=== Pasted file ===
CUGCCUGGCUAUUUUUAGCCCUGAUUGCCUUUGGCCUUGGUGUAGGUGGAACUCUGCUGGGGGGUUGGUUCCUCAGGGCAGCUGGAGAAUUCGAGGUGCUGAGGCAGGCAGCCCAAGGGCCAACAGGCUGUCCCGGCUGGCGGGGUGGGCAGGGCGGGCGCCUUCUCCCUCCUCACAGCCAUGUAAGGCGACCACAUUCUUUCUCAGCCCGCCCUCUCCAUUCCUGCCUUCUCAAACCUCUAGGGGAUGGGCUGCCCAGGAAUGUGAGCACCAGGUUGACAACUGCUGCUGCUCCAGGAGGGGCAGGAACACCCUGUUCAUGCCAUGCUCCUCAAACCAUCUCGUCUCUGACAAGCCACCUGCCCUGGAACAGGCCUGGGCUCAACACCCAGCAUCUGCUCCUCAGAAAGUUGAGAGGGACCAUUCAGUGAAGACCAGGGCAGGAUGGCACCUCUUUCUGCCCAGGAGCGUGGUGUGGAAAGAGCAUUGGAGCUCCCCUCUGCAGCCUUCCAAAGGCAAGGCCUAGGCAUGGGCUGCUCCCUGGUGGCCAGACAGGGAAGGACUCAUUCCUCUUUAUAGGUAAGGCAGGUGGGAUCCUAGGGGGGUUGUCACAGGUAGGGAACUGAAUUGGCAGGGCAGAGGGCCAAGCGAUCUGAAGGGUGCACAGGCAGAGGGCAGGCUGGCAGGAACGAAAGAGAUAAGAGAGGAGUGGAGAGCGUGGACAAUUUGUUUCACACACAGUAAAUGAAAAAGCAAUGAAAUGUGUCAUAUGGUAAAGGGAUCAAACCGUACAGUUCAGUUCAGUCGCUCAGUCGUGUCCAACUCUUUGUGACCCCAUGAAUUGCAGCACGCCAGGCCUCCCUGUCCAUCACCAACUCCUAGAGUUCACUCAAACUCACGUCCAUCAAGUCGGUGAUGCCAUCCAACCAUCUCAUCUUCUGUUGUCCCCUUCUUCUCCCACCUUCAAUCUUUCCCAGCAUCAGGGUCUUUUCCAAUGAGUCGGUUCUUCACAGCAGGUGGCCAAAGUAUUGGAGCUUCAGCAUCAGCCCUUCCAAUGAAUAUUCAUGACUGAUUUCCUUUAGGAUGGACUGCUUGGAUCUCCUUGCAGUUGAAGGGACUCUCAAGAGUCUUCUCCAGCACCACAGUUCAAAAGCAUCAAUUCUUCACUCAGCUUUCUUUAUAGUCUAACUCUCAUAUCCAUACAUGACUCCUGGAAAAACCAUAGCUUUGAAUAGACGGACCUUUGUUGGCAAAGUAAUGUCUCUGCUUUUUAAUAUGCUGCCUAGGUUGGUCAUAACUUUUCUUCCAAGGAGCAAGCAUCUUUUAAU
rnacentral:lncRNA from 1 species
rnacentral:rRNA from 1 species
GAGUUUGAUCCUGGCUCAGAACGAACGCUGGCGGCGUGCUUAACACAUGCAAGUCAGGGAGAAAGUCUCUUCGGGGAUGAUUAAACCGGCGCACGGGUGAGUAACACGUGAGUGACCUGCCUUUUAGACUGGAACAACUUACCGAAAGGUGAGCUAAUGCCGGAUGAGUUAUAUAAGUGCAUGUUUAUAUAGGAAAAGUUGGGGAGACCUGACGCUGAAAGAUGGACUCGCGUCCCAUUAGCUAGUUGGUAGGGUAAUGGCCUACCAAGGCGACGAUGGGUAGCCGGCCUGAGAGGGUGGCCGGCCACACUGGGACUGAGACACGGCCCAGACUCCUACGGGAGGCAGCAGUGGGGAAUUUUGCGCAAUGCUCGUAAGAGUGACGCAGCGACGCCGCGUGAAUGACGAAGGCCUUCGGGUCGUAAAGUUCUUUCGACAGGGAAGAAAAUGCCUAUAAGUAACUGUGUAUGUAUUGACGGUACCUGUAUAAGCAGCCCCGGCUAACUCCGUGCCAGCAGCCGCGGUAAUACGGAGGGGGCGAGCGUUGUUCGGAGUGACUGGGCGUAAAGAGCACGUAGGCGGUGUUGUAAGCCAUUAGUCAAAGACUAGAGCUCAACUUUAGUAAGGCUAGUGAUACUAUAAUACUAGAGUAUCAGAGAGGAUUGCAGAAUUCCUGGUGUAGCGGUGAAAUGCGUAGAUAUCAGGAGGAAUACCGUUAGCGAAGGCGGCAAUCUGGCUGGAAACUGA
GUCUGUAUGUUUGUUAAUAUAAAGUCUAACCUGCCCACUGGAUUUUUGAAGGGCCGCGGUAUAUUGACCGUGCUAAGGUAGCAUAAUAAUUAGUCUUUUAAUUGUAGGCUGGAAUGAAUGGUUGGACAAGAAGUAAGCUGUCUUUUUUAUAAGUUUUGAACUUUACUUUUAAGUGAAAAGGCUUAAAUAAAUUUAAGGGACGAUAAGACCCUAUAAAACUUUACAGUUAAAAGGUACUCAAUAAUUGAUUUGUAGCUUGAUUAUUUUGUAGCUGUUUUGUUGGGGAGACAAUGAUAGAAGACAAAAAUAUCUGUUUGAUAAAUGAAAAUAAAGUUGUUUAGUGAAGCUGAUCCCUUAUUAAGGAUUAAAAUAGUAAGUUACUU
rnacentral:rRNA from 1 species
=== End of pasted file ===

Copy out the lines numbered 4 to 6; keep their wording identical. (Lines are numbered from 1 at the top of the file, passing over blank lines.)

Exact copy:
GAGUUUGAUCCUGGCUCAGAACGAACGCUGGCGGCGUGCUUAACACAUGCAAGUCAGGGAGAAAGUCUCUUCGGGGAUGAUUAAACCGGCGCACGGGUGAGUAACACGUGAGUGACCUGCCUUUUAGACUGGAACAACUUACCGAAAGGUGAGCUAAUGCCGGAUGAGUUAUAUAAGUGCAUGUUUAUAUAGGAAAAGUUGGGGAGACCUGACGCUGAAAGAUGGACUCGCGUCCCAUUAGCUAGUUGGUAGGGUAAUGGCCUACCAAGGCGACGAUGGGUAGCCGGCCUGAGAGGGUGGCCGGCCACACUGGGACUGAGACACGGCCCAGACUCCUACGGGAGGCAGCAGUGGGGAAUUUUGCGCAAUGCUCGUAAGAGUGACGCAGCGACGCCGCGUGAAUGACGAAGGCCUUCGGGUCGUAAAGUUCUUUCGACAGGGAAGAAAAUGCCUAUAAGUAACUGUGUAUGUAUUGACGGUACCUGUAUAAGCAGCCCCGGCUAACUCCGUGCCAGCAGCCGCGGUAAUACGGAGGGGGCGAGCGUUGUUCGGAGUGACUGGGCGUAAAGAGCACGUAGGCGGUGUUGUAAGCCAUUAGUCAAAGACUAGAGCUCAACUUUAGUAAGGCUAGUGAUACUAUAAUACUAGAGUAUCAGAGAGGAUUGCAGAAUUCCUGGUGUAGCGGUGAAAUGCGUAGAUAUCAGGAGGAAUACCGUUAGCGAAGGCGGCAAUCUGGCUGGAAACUGA
GUCUGUAUGUUUGUUAAUAUAAAGUCUAACCUGCCCACUGGAUUUUUGAAGGGCCGCGGUAUAUUGACCGUGCUAAGGUAGCAUAAUAAUUAGUCUUUUAAUUGUAGGCUGGAAUGAAUGGUUGGACAAGAAGUAAGCUGUCUUUUUUAUAAGUUUUGAACUUUACUUUUAAGUGAAAAGGCUUAAAUAAAUUUAAGGGACGAUAAGACCCUAUAAAACUUUACAGUUAAAAGGUACUCAAUAAUUGAUUUGUAGCUUGAUUAUUUUGUAGCUGUUUUGUUGGGGAGACAAUGAUAGAAGACAAAAAUAUCUGUUUGAUAAAUGAAAAUAAAGUUGUUUAGUGAAGCUGAUCCCUUAUUAAGGAUUAAAAUAGUAAGUUACUU
rnacentral:rRNA from 1 species